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Gravitational Waves

The Einstein Field Equations are:
R_{μν}  (1/2)g_{μν}R = 8πGT_{μν}
R_{μν} represents the part of curvature that derives from the
presence of matter (i.e. that part due to the stress energy
tensor T_{μν}). The remaining components of the Riemann tensor
(the WEYL tensor) represents the part of the gravitational
field which can propagate as a gravitational wave through a
region of spacetime containing no matter or nongravitational
fields. In other words, these are the parts of the curvature
derived from the dynamics of the gravitational field itself
independent of what matter the spacetime contains. An empty
spacetime containing only gravitational radiation will
satisfy R_{μν} = 0 but will also have R_{μνσ}^{λ} ≠ 0. Regions of
spacetime in which R_{μν} = 0 are referred to as being RICCI
FLAT.
Einstein predicted the existence of gravitational waves. We
start with the field equations in the absence of any mass.
This is a good approximation if there is a large distance
between the source and the observer. Therefore,
R_{μν}  (1/2)g_{μν}R = 0
Therefore,
g^{μν}R_{μν}  (1/2)g^{μν}g_{μν}R = 0
Or,
R  (1/2)δ^{μ}_{μ}R = 0
Now δ^{μ}_{μ} = 4. Therefore,
R  2R = 0
This implies that R = 0. Thus, we can write:
R_{μν} = 0
Note: R is also the trace of the Ricci tensor.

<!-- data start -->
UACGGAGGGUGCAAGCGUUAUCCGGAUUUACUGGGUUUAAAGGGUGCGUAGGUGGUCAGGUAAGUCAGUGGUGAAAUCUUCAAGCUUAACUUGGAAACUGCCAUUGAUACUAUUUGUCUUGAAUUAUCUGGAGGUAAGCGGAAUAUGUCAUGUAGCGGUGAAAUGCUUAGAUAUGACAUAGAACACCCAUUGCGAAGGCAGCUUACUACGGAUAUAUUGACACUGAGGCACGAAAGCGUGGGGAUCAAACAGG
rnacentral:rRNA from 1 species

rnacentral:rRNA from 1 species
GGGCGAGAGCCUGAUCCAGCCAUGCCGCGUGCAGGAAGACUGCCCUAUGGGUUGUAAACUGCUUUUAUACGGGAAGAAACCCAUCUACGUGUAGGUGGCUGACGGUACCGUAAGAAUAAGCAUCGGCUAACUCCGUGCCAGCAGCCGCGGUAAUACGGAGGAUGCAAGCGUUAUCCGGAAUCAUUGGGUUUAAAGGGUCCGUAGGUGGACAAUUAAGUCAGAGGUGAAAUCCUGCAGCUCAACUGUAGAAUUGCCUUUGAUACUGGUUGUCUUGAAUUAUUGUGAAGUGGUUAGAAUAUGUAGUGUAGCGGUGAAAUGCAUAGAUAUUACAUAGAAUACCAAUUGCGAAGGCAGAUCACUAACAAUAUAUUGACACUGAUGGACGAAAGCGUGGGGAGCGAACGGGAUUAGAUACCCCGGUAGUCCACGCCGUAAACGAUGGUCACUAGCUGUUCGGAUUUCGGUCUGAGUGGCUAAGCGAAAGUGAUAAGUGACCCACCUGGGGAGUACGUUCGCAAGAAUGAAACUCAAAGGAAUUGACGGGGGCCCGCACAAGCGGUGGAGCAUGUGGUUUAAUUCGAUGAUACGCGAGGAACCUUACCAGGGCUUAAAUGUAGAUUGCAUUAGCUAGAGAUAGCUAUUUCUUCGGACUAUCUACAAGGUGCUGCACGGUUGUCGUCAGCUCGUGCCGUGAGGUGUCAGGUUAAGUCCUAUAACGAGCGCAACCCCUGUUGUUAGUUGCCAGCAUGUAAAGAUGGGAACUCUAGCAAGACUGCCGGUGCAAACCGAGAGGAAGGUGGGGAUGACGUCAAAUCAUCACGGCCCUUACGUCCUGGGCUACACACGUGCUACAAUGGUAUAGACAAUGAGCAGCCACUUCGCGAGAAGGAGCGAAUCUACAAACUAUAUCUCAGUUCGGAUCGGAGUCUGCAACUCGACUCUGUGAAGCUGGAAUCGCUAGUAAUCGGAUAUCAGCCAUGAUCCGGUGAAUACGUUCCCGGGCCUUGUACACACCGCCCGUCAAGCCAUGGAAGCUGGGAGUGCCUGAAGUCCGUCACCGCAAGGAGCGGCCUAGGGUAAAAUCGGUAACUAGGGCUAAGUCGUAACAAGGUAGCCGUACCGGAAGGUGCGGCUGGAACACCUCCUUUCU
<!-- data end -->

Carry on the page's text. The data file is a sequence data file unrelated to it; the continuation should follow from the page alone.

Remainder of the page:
Now consider empty flat space so that g_{μν} = η_{μν}. Consider a
small perturbation is spacetime due to some kind of cosmic
'event'. The metric tensor can be written as:
g^{μν} = η^{μν}  h^{μν}(x,t)
Where h_{μν}(x,t) represents the perturbation.
The Ricci tensor is comprised of the first derivatives and
products of the Christoffel symbols. Thus, schematicaly and
ignoring all indeces in the interest of brevity:
R ~ ∂Γ + ΓΓ
In turn, the Christoffel symbols consist of the metric tensor
and its derivatives. Again, schematically:
Γ ~ (1/2)g^{1}∂g
Where g^{1} is the inverse metric tensor (g^{μν}). Therefore,
Γ ~ (η  h)∂h
If h is very small then the product h∂h can be ignored.
~ η∂h
~ ∂h
Therefore, the Ricci tensor can be written:
R = ∂^{2}h + ∂h∂h
Again, if is small then ∂h∂h > 0. Therefore,
R = ∂^{2}h
This is not just one equation. There is a separate equation
for each μ and ν. Thus,
R_{μν} = [∂^{2}h]_{μν} = 0
[∂^{2}h]_{μν} = 0 has the form of the wave equation:
[∂^{2}h/∂t^{2}  ∂^{2}h/∂x^{2}]_{μν} = 0 ... 1.
NOTE: In the case where the source is close by, the above
equation becomes:
[∂^{2}h]_{μν} = kT'_{μν} where k is a constant.
Where T'_{μν} represents the stressâ€“energy tensor plus quadratic
terms involving h_{μν}. h is involved because the wave field has
an effect on T_{μν}. While the equations are valid everywhere
they are difficulty to solve analytically because of the
complicated source term. Under certain circumstances (flat
space assumption) the quadratic terms involving h can be
ignored making the solutions easier. However, for most
purposes, the zero source solutions are perfectly adequate.
Solutions to 1.0 are of the form:
h_{μν}(t,z) = h^{0}_{μν}sin(k(t  z))
The waves are transverse meaning that waves can only have
components in the plane perpendicular to the propagation of
the wave.
y
 \
  \
  \
 \ z
\  
\ \ 
x \ 
\
Therefore, the time and z components of h are 0.
 
 0 0_{ } 0_{ } 0 
 0 h_{xx} h_{xy} 0 
 0 h_{yx} h_{yy} 0 
 0 0_{ } 0_{ } 0 
 
Now, h is a symmetric tensor so h_{xy} = h_{yx}. Furthermore, there